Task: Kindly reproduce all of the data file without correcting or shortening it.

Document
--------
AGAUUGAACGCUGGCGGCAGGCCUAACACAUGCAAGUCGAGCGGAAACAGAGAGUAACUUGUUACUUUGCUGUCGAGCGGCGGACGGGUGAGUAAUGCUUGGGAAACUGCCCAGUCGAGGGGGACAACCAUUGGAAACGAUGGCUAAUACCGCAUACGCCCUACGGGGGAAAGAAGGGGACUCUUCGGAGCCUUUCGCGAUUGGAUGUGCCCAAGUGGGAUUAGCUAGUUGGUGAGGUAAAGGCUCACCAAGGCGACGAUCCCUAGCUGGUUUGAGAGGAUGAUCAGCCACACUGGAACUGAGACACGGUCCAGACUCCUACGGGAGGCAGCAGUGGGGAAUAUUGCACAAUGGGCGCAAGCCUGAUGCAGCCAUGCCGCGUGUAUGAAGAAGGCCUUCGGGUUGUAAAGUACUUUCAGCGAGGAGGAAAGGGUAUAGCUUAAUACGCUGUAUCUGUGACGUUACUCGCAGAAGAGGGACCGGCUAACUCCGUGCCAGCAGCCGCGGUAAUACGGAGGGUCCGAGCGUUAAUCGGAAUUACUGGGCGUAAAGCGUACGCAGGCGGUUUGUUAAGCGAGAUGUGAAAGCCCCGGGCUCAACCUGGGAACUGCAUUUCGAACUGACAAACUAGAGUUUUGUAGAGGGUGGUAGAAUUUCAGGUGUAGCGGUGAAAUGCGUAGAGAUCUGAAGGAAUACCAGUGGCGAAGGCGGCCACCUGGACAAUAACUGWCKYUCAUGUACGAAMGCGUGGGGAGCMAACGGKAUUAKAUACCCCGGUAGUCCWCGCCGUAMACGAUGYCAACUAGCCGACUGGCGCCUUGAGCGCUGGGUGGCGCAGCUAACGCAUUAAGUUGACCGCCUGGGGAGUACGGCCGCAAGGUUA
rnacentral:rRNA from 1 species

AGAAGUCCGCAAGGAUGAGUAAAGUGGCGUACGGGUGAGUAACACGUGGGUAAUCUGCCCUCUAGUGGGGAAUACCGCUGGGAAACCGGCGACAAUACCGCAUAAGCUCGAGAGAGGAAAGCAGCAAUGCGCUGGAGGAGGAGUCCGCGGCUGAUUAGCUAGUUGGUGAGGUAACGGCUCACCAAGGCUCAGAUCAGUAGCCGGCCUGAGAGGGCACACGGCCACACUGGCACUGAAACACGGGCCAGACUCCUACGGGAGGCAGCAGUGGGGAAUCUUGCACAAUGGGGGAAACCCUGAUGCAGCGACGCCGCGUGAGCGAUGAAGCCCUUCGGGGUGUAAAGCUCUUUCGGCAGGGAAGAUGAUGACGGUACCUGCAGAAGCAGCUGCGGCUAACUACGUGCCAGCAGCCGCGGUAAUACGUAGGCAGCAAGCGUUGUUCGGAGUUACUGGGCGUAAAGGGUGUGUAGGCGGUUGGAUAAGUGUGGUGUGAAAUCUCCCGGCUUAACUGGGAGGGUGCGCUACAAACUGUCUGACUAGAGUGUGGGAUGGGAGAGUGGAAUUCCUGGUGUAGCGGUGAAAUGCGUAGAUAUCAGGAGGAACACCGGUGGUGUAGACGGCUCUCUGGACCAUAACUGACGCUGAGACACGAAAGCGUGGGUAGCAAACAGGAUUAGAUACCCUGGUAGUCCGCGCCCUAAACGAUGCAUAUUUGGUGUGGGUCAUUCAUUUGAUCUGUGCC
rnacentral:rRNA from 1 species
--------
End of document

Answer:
AGAUUGAACGCUGGCGGCAGGCCUAACACAUGCAAGUCGAGCGGAAACAGAGAGUAACUUGUUACUUUGCUGUCGAGCGGCGGACGGGUGAGUAAUGCUUGGGAAACUGCCCAGUCGAGGGGGACAACCAUUGGAAACGAUGGCUAAUACCGCAUACGCCCUACGGGGGAAAGAAGGGGACUCUUCGGAGCCUUUCGCGAUUGGAUGUGCCCAAGUGGGAUUAGCUAGUUGGUGAGGUAAAGGCUCACCAAGGCGACGAUCCCUAGCUGGUUUGAGAGGAUGAUCAGCCACACUGGAACUGAGACACGGUCCAGACUCCUACGGGAGGCAGCAGUGGGGAAUAUUGCACAAUGGGCGCAAGCCUGAUGCAGCCAUGCCGCGUGUAUGAAGAAGGCCUUCGGGUUGUAAAGUACUUUCAGCGAGGAGGAAAGGGUAUAGCUUAAUACGCUGUAUCUGUGACGUUACUCGCAGAAGAGGGACCGGCUAACUCCGUGCCAGCAGCCGCGGUAAUACGGAGGGUCCGAGCGUUAAUCGGAAUUACUGGGCGUAAAGCGUACGCAGGCGGUUUGUUAAGCGAGAUGUGAAAGCCCCGGGCUCAACCUGGGAACUGCAUUUCGAACUGACAAACUAGAGUUUUGUAGAGGGUGGUAGAAUUUCAGGUGUAGCGGUGAAAUGCGUAGAGAUCUGAAGGAAUACCAGUGGCGAAGGCGGCCACCUGGACAAUAACUGWCKYUCAUGUACGAAMGCGUGGGGAGCMAACGGKAUUAKAUACCCCGGUAGUCCWCGCCGUAMACGAUGYCAACUAGCCGACUGGCGCCUUGAGCGCUGGGUGGCGCAGCUAACGCAUUAAGUUGACCGCCUGGGGAGUACGGCCGCAAGGUUA
rnacentral:rRNA from 1 species

AGAAGUCCGCAAGGAUGAGUAAAGUGGCGUACGGGUGAGUAACACGUGGGUAAUCUGCCCUCUAGUGGGGAAUACCGCUGGGAAACCGGCGACAAUACCGCAUAAGCUCGAGAGAGGAAAGCAGCAAUGCGCUGGAGGAGGAGUCCGCGGCUGAUUAGCUAGUUGGUGAGGUAACGGCUCACCAAGGCUCAGAUCAGUAGCCGGCCUGAGAGGGCACACGGCCACACUGGCACUGAAACACGGGCCAGACUCCUACGGGAGGCAGCAGUGGGGAAUCUUGCACAAUGGGGGAAACCCUGAUGCAGCGACGCCGCGUGAGCGAUGAAGCCCUUCGGGGUGUAAAGCUCUUUCGGCAGGGAAGAUGAUGACGGUACCUGCAGAAGCAGCUGCGGCUAACUACGUGCCAGCAGCCGCGGUAAUACGUAGGCAGCAAGCGUUGUUCGGAGUUACUGGGCGUAAAGGGUGUGUAGGCGGUUGGAUAAGUGUGGUGUGAAAUCUCCCGGCUUAACUGGGAGGGUGCGCUACAAACUGUCUGACUAGAGUGUGGGAUGGGAGAGUGGAAUUCCUGGUGUAGCGGUGAAAUGCGUAGAUAUCAGGAGGAACACCGGUGGUGUAGACGGCUCUCUGGACCAUAACUGACGCUGAGACACGAAAGCGUGGGUAGCAAACAGGAUUAGAUACCCUGGUAGUCCGCGCCCUAAACGAUGCAUAUUUGGUGUGGGUCAUUCAUUUGAUCUGUGCC
rnacentral:rRNA from 1 species